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There are three pastry shops within a block of our front door. One is right next door but since the weather was beautiful, I decided to walk round the corner to soak up the Sunday morning vibe. One customer was ahead of me so I browsed the bulging display cabinets. Within minutes the tiny shop was crowded with grannies buying box-loads of pastries. Shelves emptied as trays and trays were handed across the counter. I stood, waiting to be served, taken aback by the frenzy and sheer quantity of pastries purchased. Waves of grannies entered, jostled and were served as I stood gaping, becoming more impatient by the minute. I then noticed that my adversaries were holding numbered tickets. I spotted my mistake, elbowed my way through the hurly-burly to the ticket dispenser and tore off my number, E00.

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I edged back up the flank and positioned myself at the counter, waited, watched and most importantly listened for the next few minutes for my number to be called. Three white-aproned servers shouted numbers seemingly at random: 86, 78, 97. I was confused by my number. Was it cero, cero cero or cien (100)? I tried to listen above the hullabaloo but couldn’t discern any pattern until I heard 11,3,22. I’d missed out again. No longer smiling, I decided to retreat and went to the Disco supermarket across the road. Pastry purchase is a serious business in Buenos Aires.

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Early morning, Buenos Aires.

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It`s 7am in downtown Buenos Aires and the city is bathed in early morning light. The sky over Avenida Coronel Diaz is pink and the normally cream-white tower blocks reflect this rosey hue, as Porteños set off on their morning routines.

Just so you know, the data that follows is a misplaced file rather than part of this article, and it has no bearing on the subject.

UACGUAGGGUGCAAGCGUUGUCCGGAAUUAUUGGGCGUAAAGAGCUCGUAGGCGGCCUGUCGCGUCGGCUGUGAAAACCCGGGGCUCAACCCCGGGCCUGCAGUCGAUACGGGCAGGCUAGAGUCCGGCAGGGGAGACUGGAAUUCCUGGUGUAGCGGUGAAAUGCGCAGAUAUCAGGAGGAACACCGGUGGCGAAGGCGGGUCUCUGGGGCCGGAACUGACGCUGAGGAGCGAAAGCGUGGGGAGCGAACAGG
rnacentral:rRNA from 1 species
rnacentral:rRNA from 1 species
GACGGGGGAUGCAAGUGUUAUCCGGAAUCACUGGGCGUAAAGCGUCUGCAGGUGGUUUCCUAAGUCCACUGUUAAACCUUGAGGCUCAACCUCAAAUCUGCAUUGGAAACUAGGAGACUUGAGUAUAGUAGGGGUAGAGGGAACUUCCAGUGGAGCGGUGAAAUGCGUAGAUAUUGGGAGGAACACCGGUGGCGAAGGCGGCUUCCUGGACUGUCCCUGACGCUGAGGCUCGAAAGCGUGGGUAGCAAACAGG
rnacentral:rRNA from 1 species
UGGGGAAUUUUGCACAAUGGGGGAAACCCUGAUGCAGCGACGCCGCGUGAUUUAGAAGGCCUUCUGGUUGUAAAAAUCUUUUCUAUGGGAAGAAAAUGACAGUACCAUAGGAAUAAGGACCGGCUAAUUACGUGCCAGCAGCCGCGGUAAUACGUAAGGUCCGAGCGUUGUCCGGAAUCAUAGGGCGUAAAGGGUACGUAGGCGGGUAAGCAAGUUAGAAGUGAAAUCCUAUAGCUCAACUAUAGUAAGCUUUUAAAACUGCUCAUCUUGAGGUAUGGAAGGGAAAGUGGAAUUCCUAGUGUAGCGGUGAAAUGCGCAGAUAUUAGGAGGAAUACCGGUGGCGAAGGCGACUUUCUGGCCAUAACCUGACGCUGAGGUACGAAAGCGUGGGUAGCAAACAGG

The city is alive. On Libertatores, eleven lanes of traffic wait at red lights as pedestrians race across, tracking their 29 second digitalized countdown. Black and yellow taxis compete with orange school buses for lane superiority. Yellow city bikes spin along cycle lanes, sharing with joggers. Dogs lovingly led through streets and parks, empty their bowels. Inside plush lobbies, parents wait with pupils for school transport.

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Wellingtoned doormen hose outside apartment blocks and high-end car show-rooms with sweet-smelling detergents. A silent predawn move has already taken place. Last night, I noticed many homeless under blankets. Colourless, camouflaged in their surroundings. In the dark they have gone. Evading light and early morning hose-downs.

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Newman rugby tour to Ireland and UK

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These are some of my final year students in Newman relaxing and drinking mate prior to their rugby tour to Ireland and the UK. They`re taking in a few matches at the Rugby World Cup including the Pumas opening match against the All Blacks. They`re convinced Argentina will win!!

Alot of students in Newman are interested in this blog so the lads begged me to include their photo. There are plenty of Irish surnames among the 87 students heading to Ireland so I`m sure they will feel right at home. Enjoy the trip!.